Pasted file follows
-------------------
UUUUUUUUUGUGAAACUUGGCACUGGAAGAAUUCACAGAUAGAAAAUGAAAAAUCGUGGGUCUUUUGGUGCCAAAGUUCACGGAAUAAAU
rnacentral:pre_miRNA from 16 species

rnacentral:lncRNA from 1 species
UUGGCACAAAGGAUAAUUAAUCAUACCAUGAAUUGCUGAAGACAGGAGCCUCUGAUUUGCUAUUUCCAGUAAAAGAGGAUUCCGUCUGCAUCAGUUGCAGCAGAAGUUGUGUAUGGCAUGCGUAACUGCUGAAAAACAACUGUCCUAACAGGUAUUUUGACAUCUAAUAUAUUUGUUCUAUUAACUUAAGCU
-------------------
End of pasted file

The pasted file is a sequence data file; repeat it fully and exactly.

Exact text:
UUUUUUUUUGUGAAACUUGGCACUGGAAGAAUUCACAGAUAGAAAAUGAAAAAUCGUGGGUCUUUUGGUGCCAAAGUUCACGGAAUAAAU
rnacentral:pre_miRNA from 16 species

rnacentral:lncRNA from 1 species
UUGGCACAAAGGAUAAUUAAUCAUACCAUGAAUUGCUGAAGACAGGAGCCUCUGAUUUGCUAUUUCCAGUAAAAGAGGAUUCCGUCUGCAUCAGUUGCAGCAGAAGUUGUGUAUGGCAUGCGUAACUGCUGAAAAACAACUGUCCUAACAGGUAUUUUGACAUCUAAUAUAUUUGUUCUAUUAACUUAAGCU